Michael Parekh writes on the assumptions about gadgets or technology and why it may not necessarily help all the time. He writes:
I’ll admit that in recent years, I’ve become probably overly dependent on GPS technologies while driving and blindly trust the “shortest route” offered.
That brings up one thing which I always wonder, i.e: As technology becomes more handy and affordable, we tend to forget the older ways of doing things. Today, when someone offers us the directions we say that we feel that why take the hassel of writing it down, instead we just take the address and say we’ll google it up or Yahoo! it. We are right in a way because, we think that it is convenient for both.
My friend who had come from India for short duration had rented a car that had GPS, since that was his first exposure to US driving, for him only way to reach his destination was through GPS, if some one gave directions, he insisted that he wanted the “address” only not directions. In essense, he could not really translate the directions people give into driving. Once it lead to a funny moment when the other person who was trying to give him directions told him that he’d rather just accompany him rather than search and give him address (because he did not know the exact address and the destination they were looking for was just couple of blocks away) .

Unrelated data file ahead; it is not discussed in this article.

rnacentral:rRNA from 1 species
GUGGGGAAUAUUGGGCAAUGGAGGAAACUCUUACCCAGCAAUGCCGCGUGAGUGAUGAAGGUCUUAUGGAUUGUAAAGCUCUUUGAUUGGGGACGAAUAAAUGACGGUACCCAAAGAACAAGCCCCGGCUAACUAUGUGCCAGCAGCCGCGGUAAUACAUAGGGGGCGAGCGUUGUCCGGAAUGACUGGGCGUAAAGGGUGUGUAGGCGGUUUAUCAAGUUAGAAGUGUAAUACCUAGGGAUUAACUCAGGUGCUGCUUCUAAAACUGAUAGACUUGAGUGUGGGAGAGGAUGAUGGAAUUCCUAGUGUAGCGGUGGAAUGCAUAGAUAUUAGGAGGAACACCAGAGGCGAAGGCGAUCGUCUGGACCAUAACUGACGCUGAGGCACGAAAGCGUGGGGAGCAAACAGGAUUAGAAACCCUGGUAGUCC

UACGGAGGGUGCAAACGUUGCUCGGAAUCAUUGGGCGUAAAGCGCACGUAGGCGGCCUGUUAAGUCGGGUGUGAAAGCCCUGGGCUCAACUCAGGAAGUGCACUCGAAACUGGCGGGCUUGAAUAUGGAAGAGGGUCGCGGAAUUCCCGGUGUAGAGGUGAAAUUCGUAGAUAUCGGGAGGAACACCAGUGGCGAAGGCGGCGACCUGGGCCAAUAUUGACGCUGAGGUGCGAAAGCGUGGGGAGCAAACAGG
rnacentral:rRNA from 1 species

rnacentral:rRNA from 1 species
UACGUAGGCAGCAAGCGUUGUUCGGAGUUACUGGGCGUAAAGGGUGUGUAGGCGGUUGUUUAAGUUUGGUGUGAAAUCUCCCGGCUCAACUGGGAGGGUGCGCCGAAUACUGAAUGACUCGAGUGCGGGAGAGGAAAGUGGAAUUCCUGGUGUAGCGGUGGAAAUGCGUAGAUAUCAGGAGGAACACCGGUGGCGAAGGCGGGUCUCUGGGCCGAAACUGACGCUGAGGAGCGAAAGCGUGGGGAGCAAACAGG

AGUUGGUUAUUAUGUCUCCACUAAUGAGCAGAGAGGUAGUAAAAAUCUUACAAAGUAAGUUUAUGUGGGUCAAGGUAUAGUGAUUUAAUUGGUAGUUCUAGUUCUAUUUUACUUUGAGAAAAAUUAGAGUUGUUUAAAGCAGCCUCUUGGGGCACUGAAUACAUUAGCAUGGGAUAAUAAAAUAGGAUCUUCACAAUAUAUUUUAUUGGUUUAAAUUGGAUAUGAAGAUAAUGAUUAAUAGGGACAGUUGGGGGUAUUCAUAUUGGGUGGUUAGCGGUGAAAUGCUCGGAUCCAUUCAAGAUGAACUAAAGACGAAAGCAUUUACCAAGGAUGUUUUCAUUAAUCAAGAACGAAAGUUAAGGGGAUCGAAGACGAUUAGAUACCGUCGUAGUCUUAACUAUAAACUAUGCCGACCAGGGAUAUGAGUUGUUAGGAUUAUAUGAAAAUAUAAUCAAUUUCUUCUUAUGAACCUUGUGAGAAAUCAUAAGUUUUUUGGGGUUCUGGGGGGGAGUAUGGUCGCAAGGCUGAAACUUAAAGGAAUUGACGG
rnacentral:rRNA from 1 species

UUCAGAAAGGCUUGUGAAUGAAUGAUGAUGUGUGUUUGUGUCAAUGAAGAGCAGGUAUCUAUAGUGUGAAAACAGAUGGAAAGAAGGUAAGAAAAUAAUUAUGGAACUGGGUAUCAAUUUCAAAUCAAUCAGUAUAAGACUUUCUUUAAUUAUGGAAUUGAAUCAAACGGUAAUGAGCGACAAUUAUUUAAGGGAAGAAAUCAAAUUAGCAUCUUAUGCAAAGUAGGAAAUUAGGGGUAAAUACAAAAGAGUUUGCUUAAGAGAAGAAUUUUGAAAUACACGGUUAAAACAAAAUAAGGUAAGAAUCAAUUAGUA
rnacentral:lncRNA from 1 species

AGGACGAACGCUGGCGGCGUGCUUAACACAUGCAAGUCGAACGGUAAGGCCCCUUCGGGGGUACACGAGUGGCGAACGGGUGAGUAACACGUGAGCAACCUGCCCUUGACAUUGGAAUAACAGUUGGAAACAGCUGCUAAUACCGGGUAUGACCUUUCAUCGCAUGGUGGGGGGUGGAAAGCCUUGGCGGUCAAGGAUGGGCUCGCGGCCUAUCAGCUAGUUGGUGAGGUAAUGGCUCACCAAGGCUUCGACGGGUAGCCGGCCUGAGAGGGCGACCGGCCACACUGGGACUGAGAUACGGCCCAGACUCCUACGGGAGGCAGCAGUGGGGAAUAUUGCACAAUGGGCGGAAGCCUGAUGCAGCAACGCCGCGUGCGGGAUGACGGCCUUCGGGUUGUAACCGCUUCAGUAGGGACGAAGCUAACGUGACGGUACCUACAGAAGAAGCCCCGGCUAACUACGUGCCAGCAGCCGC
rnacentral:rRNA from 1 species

While I was growing up in India, no one used maps, if you are going to some place in rural area, all you knew was the village name, some fork points (e.g: left after “15”th mile/km stone or right just before a some temple etc). Then you depended on cowherds, who are always try to be helpful (whether they know or not, they’ll suggest you something ;-). It was also true that you’d have to open up conversation with those cowherds or person who is giving the direction on whom you are visiting and what purpose. It looks very offending now, but it is pretty normal for people to ask where and why kind of questions. Also, they’d give out some information about the person you are visiting, which may be useful for you 😉
When I came to US in 1992, I had hard time understanding the directions someone gives (stay to your left on the exit ramp, take the left in the exit fork, go north of some road etc), first of all I was new to the accent and also to Highway system, secondly north/south is strange because some stretch of the highway that says north and south actually was running east to west. But slowly I got used to the directions, then came web, where just provide address for point a and b, voila, you got the direction. Now, the GPS, where in you are relived of even looking up in the web. What I really wonder is for the next generation… will it be that they’d (majority) forget the basics of map reading? Hope I am wrong !!